Posted On: August 7, 2014 by Patrick A. Malone

Manufacturer Yanks Cancer-Spreading Device from the Market

As lawsuits mount over the incidence of cancer associated with the use of a medical device in the surgical removal of uterine fibroids, Johnson & Johnson announced last week that it’s recalling all of the power morcellators it has manufactured in recent years.

And early this week, a major East Coast health insurer said it no longer would cover the gynecological procedure involving power morcellation.

Power morcellation surgery has become quite popular because it’s performed laparoscopically. That’s a minimally invasive procedure whose small incision prompts faster recovery, less pain, less bleeding and less opportunity for site infection. The morcellator, whose market is dominated by J&J, cuts up the fibroids into tiny bits that can be removed through the incision.

But the machine has been associated with the risk of spreading aggressive forms of uterine cancer in patients in whom cancer was never even suspected. Earlier this year, we wrote about the shock of women finding out they had advanced cancer only after undergoing what is generally a fairly benign procedure. We followed up a couple months later with a report about the FDA issuing morcellation warnings.

Now, as reported on AboutLawsuits.com, J&J contacted doctors known to use the devices with the admission that the risk of spreading cancer is too high with morcellators, and that it has no future plans to manufacture or sell them. With about 72% of the market, J&J has asked hospitals to voluntarily return all of the laparoscopic surgery power morcellators.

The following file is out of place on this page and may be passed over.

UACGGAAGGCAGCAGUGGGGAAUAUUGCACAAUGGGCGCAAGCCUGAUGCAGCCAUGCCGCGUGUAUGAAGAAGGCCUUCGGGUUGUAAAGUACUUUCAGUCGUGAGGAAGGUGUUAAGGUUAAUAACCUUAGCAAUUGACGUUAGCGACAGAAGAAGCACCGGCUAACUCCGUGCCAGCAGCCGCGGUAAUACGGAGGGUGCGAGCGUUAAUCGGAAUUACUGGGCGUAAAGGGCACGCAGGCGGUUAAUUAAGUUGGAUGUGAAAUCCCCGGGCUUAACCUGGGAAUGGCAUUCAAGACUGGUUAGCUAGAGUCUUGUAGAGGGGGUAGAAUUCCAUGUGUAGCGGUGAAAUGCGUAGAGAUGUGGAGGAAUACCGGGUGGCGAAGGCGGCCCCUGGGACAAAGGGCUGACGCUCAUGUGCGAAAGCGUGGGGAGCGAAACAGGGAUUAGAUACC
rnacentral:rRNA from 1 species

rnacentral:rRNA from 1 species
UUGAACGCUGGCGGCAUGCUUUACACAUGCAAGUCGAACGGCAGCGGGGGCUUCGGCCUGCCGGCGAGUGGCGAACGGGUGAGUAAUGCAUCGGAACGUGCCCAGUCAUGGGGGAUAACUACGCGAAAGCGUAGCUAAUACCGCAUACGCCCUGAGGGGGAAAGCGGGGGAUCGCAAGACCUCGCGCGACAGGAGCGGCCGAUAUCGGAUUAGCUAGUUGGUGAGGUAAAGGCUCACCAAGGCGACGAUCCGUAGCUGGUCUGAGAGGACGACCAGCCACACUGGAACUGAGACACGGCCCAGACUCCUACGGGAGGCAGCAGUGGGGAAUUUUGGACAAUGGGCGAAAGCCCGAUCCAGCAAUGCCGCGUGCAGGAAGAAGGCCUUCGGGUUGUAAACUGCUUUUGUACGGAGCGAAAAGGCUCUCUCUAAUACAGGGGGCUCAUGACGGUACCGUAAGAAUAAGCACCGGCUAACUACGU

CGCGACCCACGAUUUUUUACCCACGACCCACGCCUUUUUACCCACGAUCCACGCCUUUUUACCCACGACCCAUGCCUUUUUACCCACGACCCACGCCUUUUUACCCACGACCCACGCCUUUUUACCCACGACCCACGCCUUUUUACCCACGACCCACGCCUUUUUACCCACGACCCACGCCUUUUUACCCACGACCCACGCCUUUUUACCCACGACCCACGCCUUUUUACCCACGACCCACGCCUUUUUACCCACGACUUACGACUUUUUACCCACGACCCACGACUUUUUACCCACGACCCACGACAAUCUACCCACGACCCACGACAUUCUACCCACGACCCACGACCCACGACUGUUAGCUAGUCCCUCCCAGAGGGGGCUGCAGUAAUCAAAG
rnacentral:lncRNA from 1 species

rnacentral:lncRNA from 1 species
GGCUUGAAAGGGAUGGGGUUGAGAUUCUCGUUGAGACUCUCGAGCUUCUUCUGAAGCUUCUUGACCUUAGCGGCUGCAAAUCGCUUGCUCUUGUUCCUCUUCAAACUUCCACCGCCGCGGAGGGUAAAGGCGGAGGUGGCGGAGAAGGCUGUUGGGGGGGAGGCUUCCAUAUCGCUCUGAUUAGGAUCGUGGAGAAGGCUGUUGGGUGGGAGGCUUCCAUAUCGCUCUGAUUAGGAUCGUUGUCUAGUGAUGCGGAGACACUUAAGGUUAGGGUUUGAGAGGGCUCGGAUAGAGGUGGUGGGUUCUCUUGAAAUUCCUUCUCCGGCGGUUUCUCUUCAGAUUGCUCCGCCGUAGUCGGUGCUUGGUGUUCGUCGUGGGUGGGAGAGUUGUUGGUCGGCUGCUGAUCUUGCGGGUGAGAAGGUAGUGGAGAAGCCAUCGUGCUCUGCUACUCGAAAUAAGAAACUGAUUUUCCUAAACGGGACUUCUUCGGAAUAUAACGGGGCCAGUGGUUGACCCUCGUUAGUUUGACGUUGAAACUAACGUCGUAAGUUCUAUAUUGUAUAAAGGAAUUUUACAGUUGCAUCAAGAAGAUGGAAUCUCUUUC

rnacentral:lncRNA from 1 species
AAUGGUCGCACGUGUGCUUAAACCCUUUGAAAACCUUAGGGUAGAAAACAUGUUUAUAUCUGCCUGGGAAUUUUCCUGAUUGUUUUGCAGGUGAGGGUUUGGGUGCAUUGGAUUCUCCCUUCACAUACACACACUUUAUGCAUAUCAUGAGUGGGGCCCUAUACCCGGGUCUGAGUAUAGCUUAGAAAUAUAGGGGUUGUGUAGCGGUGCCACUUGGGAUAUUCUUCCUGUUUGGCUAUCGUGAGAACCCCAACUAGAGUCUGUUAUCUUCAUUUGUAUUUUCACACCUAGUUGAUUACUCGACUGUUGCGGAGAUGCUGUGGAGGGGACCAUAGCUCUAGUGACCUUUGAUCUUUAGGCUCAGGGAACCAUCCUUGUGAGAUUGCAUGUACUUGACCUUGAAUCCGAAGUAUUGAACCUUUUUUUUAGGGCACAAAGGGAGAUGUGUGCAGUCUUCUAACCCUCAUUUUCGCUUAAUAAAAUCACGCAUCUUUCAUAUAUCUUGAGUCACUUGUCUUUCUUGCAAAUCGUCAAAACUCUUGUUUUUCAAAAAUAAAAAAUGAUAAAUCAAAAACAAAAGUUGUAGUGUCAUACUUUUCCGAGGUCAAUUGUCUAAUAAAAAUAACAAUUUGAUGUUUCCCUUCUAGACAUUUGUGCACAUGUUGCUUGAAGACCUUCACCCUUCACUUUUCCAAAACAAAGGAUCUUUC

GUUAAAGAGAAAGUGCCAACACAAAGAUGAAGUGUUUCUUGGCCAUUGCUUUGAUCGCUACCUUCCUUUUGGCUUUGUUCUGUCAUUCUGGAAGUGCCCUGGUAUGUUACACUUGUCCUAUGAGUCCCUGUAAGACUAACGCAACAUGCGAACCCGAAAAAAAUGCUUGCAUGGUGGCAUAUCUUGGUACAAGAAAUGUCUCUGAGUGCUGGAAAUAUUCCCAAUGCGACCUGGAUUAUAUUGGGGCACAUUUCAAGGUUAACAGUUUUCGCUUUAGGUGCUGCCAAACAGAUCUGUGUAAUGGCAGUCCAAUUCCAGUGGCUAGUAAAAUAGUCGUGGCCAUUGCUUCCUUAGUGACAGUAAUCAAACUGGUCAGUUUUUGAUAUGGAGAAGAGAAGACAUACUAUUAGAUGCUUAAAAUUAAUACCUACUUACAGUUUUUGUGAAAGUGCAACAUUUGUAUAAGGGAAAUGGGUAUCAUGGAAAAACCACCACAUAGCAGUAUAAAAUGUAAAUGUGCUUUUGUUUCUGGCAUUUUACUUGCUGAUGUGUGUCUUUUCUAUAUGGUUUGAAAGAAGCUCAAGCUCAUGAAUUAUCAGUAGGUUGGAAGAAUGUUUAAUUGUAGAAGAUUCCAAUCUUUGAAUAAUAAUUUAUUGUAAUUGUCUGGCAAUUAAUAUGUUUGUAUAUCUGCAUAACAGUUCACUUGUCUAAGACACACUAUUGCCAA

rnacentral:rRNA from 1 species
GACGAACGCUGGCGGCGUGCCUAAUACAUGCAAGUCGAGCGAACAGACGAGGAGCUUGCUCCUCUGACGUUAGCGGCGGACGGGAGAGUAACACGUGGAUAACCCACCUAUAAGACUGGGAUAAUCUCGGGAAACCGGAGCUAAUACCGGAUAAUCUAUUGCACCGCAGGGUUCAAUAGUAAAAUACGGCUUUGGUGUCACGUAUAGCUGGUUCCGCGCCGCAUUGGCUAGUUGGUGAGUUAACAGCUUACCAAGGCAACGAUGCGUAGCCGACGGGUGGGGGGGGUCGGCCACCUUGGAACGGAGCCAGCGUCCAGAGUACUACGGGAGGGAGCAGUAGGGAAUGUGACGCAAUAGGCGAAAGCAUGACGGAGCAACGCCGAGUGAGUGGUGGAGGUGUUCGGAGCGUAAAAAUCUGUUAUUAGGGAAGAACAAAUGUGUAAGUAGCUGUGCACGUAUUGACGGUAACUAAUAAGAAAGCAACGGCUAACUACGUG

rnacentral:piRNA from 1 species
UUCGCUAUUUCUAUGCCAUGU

According to Reuters, health insurer Highmark Inc., with 5.2 million customers in Pennsylvania, Delaware and West Virginia, will stop covering the procedure as of Sept. 1.

At an FDA meeting, it was determined that as many as 1 in 350 women who undergo laparoscopic surgery for uterine fibroid removal might have unsuspected sarcoma, and cancer cells within the uterus that could be spread throughout the body by power morcellation.

Although in April the FDA urged doctors to stop using the procedure, last month an FDA advisory committee split on whether to recommend severe safety warnings on power morcellator or a total power morcellator recall. We wonder why there was any doubt, given that the panel acknowledged that there was no known way to make morcellation for uterine fibroid removal safe.

It’s unknown when the FDA will make a final recall decision, but J&J didn’t wait for it to pull their devices. In the face of the lawsuits, everyone’s wondering why adequate warnings weren’t issued long ago, and whether manufacturers made devices as safe as they could have.

Luckily, for women in need of uterine fibroid removal, there are options beyond power morcellation — traditional surgical hysterectomy performed vaginally or abdominally; catheter-based blocking of the uterine artery; high-intensity focused ultrasound; drug therapy and laparoscopic hysterectomy or fibroidectomy without use of morcellation.

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